- 1/2 cup basil leaves, divided
- 2 tbsp balsamic glaze
- Preheat oven to 375°F
- Arrange bread on a baking sheet, drizzle both sides with olive oil and bake for 15 – 20 minutes until golden. Flip toasts midway through to evenly crisp.
- Rub the crostini with the cut side of the garlic while still warm and season with a little salt and pepper.
- Divide 1/4 cup of the basil leaves on each slice of bread (about 2-3 basil leaves per bread),
- Top each with the avocado slices, tomato halves and mozzarella (bocconcini).
- Season with salt and/or pepper to taste.
- Grill for 3-5 minutes, or until cheese has started to melt.
- Finely chop remaining basil leaves and sprinkle over the crostini.
- Drizzle with balsamic glaze to serve.
Salad on the grill? Check out this heavenly combination of romaine, bacon, and blue cheese, compliments of The Garlic Diaries.
- 3 Romaine hearts
- 12 pieces thick cut bacon
- 5 ounces blue cheese crumbles
For the dressing:
- ¼ cup balsamic vinegar
- ¼ cup light olive oil
- ¼ tsp dried thyme
- ¼ tsp dried parsley
- ½ tsp dried oregano
- Salt and pepper
- ¼ tsp Dijon mustard
- Fry bacon in a large skillet, reserving the bacon fat.
- Slice each Romaine heart in half and set aside.
- Heat your grill over high heat. (You want very hot grates so you get a quick char without cooking the lettuce too much or wilting it)
- Using a basting brush, lightly brush a little bacon fat onto the flat side of each Romaine half.
- When you are ready to grill, place the Romaine halves flat side down on the grill and keep them there until they have light char marks. (No more than 30 seconds)
- Remove the Romaine halves and place them on a plate.
- For the dressing, add all ingredients into a bowl and whisk together.
- To assemble the salad, top each Romaine half with bacon and blue cheese crumbles, and drizzle the balsamic dressing on top.
Take your fish tacos to the next level with this tropical flavor combination, compliments of Cooking Classy.
- 1 lb Tilapia, cod or mahi mahi fillets
- 2 tbsp canola oil
- 1 1/2 tbsp fresh lime juice
- 1 clove garlic, minced
- 1 1/2 tsp chili powder
- 1/2 tsp ground cumin
- 1/2 tsp ground paprika
- 1/8 tsp cayenne pepper (optional)
- Salt and pepper
- 6 corn or flour tortillas
- 1 large avocado, sliced
- Sour cream, cotija cheese, hot sauce or salsa, for serving (optional)
- 1/2 small red cabbage, cored and sliced thin (8 oz)
- 1/4 cup cilantro, chopped
- 3/4 cup thinly sliced red onion (run under cool water and drain to remove harsh bite)
- 1 1/2 tbsp lime juice
- 1 tbsp canola oil
- In a mixing bowl whisk together canola oil, lime juice, garlic, chili powder, cumin, paprika, cayenne and season with salt and pepper to taste (about 1/2 tsp salt 1/4 tsp pepper).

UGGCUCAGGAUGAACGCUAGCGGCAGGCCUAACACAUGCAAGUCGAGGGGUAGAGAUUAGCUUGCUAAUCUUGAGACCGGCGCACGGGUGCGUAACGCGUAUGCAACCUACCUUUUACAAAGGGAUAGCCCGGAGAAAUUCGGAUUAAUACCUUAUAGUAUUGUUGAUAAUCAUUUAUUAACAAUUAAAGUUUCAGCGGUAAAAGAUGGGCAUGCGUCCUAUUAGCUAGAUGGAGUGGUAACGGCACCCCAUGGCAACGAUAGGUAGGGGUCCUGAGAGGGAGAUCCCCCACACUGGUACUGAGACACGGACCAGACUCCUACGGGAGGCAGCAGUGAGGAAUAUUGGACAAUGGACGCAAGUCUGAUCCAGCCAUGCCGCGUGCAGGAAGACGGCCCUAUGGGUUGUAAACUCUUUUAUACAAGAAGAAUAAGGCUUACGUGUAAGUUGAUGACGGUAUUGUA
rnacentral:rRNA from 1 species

- Place fish into a gallon size re-sealable bag and pour marinade over fish. Seal bag and allow to marinate in mixture 20 minutes (and no longer than 30 minutes).
- Preheat a grill to medium-high heat.
- Grill until cooked through, about 3 minutes per side (cooking time will vary based on thickness of fish).
- Brush grill grates with oil and place fish on grill.
- Transfer to a plate, break into pieces and serve in warmed taco shells with cabbage slaw, avocado slices and other optional toppings.
- Add cabbage, red onion and cilantro to a medium mixing bowl.
- Pour lime juice and canola oil over top and season lightly with salt and pepper, toss to evenly coat.
- Recipe source: inspired by Chow
These spicy chicken kebabs are just the right heat when paired with the cool cucumber salad, compliments of Marian Cooper Cairns.
- 1 1/2 lb. chicken tenders
- 2 tbsp canola oil
- 2 tsp curry powder
- 2 tsp smoked paprika
- 1/4 tsp cayenne pepper
- Kosher salt and black pepper
- 2 pieces naan
- 1 sliced English cucumber
- 2 sliced scallions
- 1/4 c chopped fresh mint
- 1 tbsp olive oil
- 1 tbsp fresh lime juice
- 1 chopped garlic clove
- Plain Greek yogurt and lime wedges, for serving
- Heat grill to medium-high.
- Cut chicken tenders into thirds.
- Toss with canola oil, curry powder, smoked paprika, cayenne pepper, and kosher salt and black pepper.
- Thread onto metal skewers.
- Grill, turning occasionally, until charred and cooked through, 8 to 10 minutes.
- Grill 2 pieces naan until warm and toasted, 1 to 2 minutes.
- Toss together cucumber, scallions, mint, olive oil, fresh lime juice, and garlic.
- Season with kosher salt and black pepper.
- Serve with plain Greek yogurt and lime wedge alongside.
Pair this sweet twist on an old favorite with your main meal, compliments of Good Life Eats.
- 20 ounces sweet potatoes, washed and dried
- 2 tsp oil
- 1 tbsp Homemade Southwestern Pork Rub
- 2 tsp finely chopped fresh cilantro
- With the lid closed, heat the grill to medium heat.
- Leaving the skin on, cut the sweet potatoes into large wedges, similar in size to thick cut steak fries. Transfer the cut sweet potatoes to a large baking sheet and drizzle with oil, tossing to coat evenly.
- Sprinkle half of the Homemade Southwestern Pork Rub evenly over the oiled sweet potatoes. Flip and sprinkle the remaining rub on the oppopsite side.
- Remove the sweet potatoes from the baking sheet and transfer them directly onto the hot grill. Cook, with the lid closed, for 3 – 4 minutes. Flip, and cook for an additional 3 – 4 minutes on the other side.
- If the sweet potatoes are not tender enough after grilling both sides, transfer to a top rack in the grill, reduce the heat to medium-low, and cook until tender.
- Remove the sweet potatoes from the grill, transfer to the baking sheet previously used and sprinkle with cilantro. Serve.
Top your dinner off with this sweet treat, compliments of Wine and Glue.
- 1/2 c honey
- 1 tsp cinnamon
- 1 pineapple